In the midst of a 2-4 road trip, the Pirates are 3 1/2 games out out first place at the start of the day.

"Yeah, they are playing good," Lee said. "They turned it around, so good for them. I'm still playing baseball, so that's always a good thing."

On his brief stay in Baltimore, he said, "The ballpark is beautiful. We didn't play as well as we wanted to. I didn't play as well as I wanted to, but I enjoyed my time."

 

The career of Ludwick also has been on the steady decline since 2008, when with the St. Louis Cardinals, he had 37 home runs and 113 RBI, both career-highs.

"I spent a few days with him and got to know him a little bit," said Hurdle, who met him while they were teammates on the All-Star team that year. "In our conversations, I sensed that he played hard. He's a pro. He has been able to be a run-producer, so he'll be a good addition."

This season he has a $6.78-million contract, approximately $2.26 of which remains to be paid.  
               

While the third-place Pirates were content to stay in the background for much of the way, the Central Division-leading Milwaukee Brewers and the St. Louis Cardinals remained aggressive in their their pursuit of talent upgrades. Huntington blamed the market conditions for the Pirates' inability to become more than a bit player in the trade market.

Meanwhile, speculation continued to mount that Huntington had signed a long-term contract extension, which would allow him to maintain his focus on building for the distant future.

Huntington took exception to the notion that he placed too much stock in the farm system. One league source recently told Piratesreport.com that he was "impossible to deal with" in trade talks because of it.   

"At times, we've been criticized for being unrealistic, but it has been a very challenging market," he said. "We don't feel like we overvalue our prospects. We feel like we have a very good understanding of what the could be.

"But maybe you could levy the criticism that we undervalue what a two-month impact could be and we're not looking to give up a player that could impact us in a positive direction for six years at the major league level for an established major league player that might be able to impact us for two months."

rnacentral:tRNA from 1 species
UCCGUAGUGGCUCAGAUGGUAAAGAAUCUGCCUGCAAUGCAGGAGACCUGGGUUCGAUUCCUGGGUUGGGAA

The Philadelphia Phillies and San Francisco Giants acquired All-Star outfielders Hunter Pence and Carlos Beltran, respectively, two players who were considered the prizes of the trade market.

Huntington would not confirm a published report that Beltran refused to include the Pirates on his list of acceptable destinations.

"The player that has control of his fate via a no-trade clause in his contract or 10-and-five rights has to want to come to your city," he said. "In some cases, we've tried to induce those players to come to our city. We were willing to take on a significant financial portion of their contracts. We were willing to give up a significant amount of talent to get some players, but in some cases, the players that had no-trade contracts decided that they didn't want to come here, and that's their right."

After July 31, trades can be completed, but not before the involved parties clear waivers in both leagues.

Follow me on Twitter @PaulLadewski  

Paul Ladewski covers the Pirates for Piratesreport.com and the Ogden Newspapers. Unless otherwise noted, the quotes were obtained first-hand, from industry sources or official Pirates media materials.